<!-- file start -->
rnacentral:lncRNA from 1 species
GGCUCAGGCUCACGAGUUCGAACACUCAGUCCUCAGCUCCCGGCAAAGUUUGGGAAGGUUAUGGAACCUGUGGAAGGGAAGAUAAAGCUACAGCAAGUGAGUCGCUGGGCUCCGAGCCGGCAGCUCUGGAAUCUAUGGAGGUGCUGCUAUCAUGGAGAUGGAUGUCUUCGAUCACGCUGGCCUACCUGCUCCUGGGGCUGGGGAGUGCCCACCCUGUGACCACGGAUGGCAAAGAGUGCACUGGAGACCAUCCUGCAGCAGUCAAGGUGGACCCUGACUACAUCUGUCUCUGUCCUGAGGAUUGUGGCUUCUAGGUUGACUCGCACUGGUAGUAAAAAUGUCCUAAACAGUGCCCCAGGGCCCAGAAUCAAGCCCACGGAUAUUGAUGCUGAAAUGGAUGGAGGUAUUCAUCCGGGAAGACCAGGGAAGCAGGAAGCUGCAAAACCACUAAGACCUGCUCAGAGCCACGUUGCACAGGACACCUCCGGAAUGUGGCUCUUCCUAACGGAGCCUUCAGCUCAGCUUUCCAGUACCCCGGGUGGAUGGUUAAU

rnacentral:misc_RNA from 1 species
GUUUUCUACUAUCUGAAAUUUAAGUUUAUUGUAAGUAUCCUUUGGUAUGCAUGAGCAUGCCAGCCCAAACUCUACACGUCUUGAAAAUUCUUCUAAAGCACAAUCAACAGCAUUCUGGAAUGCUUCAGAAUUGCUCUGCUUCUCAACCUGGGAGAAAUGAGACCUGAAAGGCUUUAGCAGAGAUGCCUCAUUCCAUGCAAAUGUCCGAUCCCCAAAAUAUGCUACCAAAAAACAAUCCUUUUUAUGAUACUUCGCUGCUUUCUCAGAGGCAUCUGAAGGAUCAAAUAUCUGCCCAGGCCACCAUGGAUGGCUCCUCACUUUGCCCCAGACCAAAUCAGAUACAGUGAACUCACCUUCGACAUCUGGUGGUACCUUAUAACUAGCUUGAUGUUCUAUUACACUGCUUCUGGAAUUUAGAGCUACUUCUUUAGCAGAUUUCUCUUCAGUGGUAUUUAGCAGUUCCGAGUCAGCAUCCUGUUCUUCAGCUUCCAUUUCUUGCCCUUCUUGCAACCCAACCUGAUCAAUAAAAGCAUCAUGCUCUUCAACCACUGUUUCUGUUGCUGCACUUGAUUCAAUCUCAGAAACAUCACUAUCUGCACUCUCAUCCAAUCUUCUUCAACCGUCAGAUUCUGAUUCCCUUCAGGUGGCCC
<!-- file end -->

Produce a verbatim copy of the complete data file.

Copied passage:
rnacentral:lncRNA from 1 species
GGCUCAGGCUCACGAGUUCGAACACUCAGUCCUCAGCUCCCGGCAAAGUUUGGGAAGGUUAUGGAACCUGUGGAAGGGAAGAUAAAGCUACAGCAAGUGAGUCGCUGGGCUCCGAGCCGGCAGCUCUGGAAUCUAUGGAGGUGCUGCUAUCAUGGAGAUGGAUGUCUUCGAUCACGCUGGCCUACCUGCUCCUGGGGCUGGGGAGUGCCCACCCUGUGACCACGGAUGGCAAAGAGUGCACUGGAGACCAUCCUGCAGCAGUCAAGGUGGACCCUGACUACAUCUGUCUCUGUCCUGAGGAUUGUGGCUUCUAGGUUGACUCGCACUGGUAGUAAAAAUGUCCUAAACAGUGCCCCAGGGCCCAGAAUCAAGCCCACGGAUAUUGAUGCUGAAAUGGAUGGAGGUAUUCAUCCGGGAAGACCAGGGAAGCAGGAAGCUGCAAAACCACUAAGACCUGCUCAGAGCCACGUUGCACAGGACACCUCCGGAAUGUGGCUCUUCCUAACGGAGCCUUCAGCUCAGCUUUCCAGUACCCCGGGUGGAUGGUUAAU

rnacentral:misc_RNA from 1 species
GUUUUCUACUAUCUGAAAUUUAAGUUUAUUGUAAGUAUCCUUUGGUAUGCAUGAGCAUGCCAGCCCAAACUCUACACGUCUUGAAAAUUCUUCUAAAGCACAAUCAACAGCAUUCUGGAAUGCUUCAGAAUUGCUCUGCUUCUCAACCUGGGAGAAAUGAGACCUGAAAGGCUUUAGCAGAGAUGCCUCAUUCCAUGCAAAUGUCCGAUCCCCAAAAUAUGCUACCAAAAAACAAUCCUUUUUAUGAUACUUCGCUGCUUUCUCAGAGGCAUCUGAAGGAUCAAAUAUCUGCCCAGGCCACCAUGGAUGGCUCCUCACUUUGCCCCAGACCAAAUCAGAUACAGUGAACUCACCUUCGACAUCUGGUGGUACCUUAUAACUAGCUUGAUGUUCUAUUACACUGCUUCUGGAAUUUAGAGCUACUUCUUUAGCAGAUUUCUCUUCAGUGGUAUUUAGCAGUUCCGAGUCAGCAUCCUGUUCUUCAGCUUCCAUUUCUUGCCCUUCUUGCAACCCAACCUGAUCAAUAAAAGCAUCAUGCUCUUCAACCACUGUUUCUGUUGCUGCACUUGAUUCAAUCUCAGAAACAUCACUAUCUGCACUCUCAUCCAAUCUUCUUCAACCGUCAGAUUCUGAUUCCCUUCAGGUGGCCC